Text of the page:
Science is becoming ever more politicized. Or perhaps it always was, but we’re only now finding out thanks to hyper communication via the Internet. In either case, it makes it necessary for a consumer of ostensibly true (or at least fact-based) reporting to have a critical mind and be careful about the source of a claim or “fact.” Unfortunately, it is almost impossible to get a balanced view from someone else, so one must figure some kind of short hand for finding truth. This is vital when consuming debates with political implications (or even claims), and a lot of what is written nowadays is just that.

I propose that one should, as a rule of thumb, listen more carefully to the critics, not the supporters. Why do I say this? Simply for this fact: the real scientific contribution is stressed by critics – it is seldom even considered by supporters.

I realize this may sound unfair, but it appears to be true at a read the critics to get an idea of the claim.as worth. But do not read commentary by supporters, since they will hardly ever discuss the scientific worth of an argument, but the advantage of the politics derived from it.

Let’s look at two somewhat recent examples, which happen to be progressive/leftist books but needn’t be: Piketty’s Capital in the 21st Century and Ha-Joon Chang’s Kicking Away the Ladder. Both have been widely celebrated (and still are) by supporters while criticized by others, and the two “camps” seem to completely talk past each other. In fact, the former don’t even recognize the existence of the critiques and just carry on as though nothing happened. Yet in both cases the criticism has been (what should be noted as) devastating.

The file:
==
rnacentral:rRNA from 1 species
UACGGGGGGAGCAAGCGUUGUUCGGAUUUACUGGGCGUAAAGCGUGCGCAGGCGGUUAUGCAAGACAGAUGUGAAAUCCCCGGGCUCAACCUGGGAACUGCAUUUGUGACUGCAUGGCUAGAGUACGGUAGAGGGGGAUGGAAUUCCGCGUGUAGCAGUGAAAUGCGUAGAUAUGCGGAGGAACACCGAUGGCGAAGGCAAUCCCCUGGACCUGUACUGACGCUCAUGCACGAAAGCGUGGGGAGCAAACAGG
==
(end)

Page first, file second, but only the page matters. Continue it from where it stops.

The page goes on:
In the case of Kicking Away the Ladder, which won some prestigious political-left prizes, we need only go to the author’s Wikipedia page. Two reviews of this book are quoted – one by a “critic” and another by a supporter – and they illustrate very well why one should always, as a rule of thumb, listen to the critics. The critic writes:

Chang only looks at countries that developed during the nineteenth century and a small number of the policies they pursued. He did not examine countries that failed to develop in the nineteenth century and see if they pursued the same heterodox policies only more intensively. This is a poor scientific and historical method. Suppose a doctor studied people with long lives and found that some smoked tobacco, but did not study people with shorter lives to see if smoking was even more prevalent. Any conclusions drawn only from the observed relationship would be quite misleading.

The supporter, on the other hand, writes: